Every impulse I have points toward running lean. Time after time, I’ve found a small team of badass, dedicated, smart people can get so much more done than a larger, less focused group. I was an advocate of running lean well before I even knew what it was.
But then I spent more time in the working world and I saw how running lean played out over the long term. I saw it play out in myself, in others, in entire teams – people sprinting as hard as they could when it turned out they were running a marathon. I saw the ebbs and flows everybody has in their capacity, not due to any personal failing, but simply because they’re humans.
Family emergencies, illness and injury, turnover, even just normal use of vacation time – any of these can make the wheels fall off if your team is always running at stretch capacity.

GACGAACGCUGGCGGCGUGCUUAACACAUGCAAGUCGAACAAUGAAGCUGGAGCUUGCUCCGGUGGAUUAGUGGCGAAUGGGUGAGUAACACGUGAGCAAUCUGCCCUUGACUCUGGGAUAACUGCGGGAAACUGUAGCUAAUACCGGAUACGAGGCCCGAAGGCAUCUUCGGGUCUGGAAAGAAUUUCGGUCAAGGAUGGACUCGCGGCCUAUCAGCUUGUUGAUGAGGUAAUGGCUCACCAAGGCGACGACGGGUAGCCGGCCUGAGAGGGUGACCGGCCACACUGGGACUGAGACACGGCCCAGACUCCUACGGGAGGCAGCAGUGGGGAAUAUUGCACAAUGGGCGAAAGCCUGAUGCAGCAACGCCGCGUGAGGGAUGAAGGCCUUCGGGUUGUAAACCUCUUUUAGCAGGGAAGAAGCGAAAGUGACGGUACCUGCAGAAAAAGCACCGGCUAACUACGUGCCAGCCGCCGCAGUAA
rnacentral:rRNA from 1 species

It was a gradual realization for me that running lean could only be an effective short-term strategy. When those weeks turn into months and those months turn into years, it falls apart. Quite simply, it isn’t sustainable. You have to account for the reality that sometimes your people won’t be able to go at full capacity.
I do think there are times to run lean. But I also think that if you’re in one of those times, you need to know exactly why that is and what the duration will be. At the end of the day you’re working with people, not robots. And you want to make sure your team is set up for success over the long haul.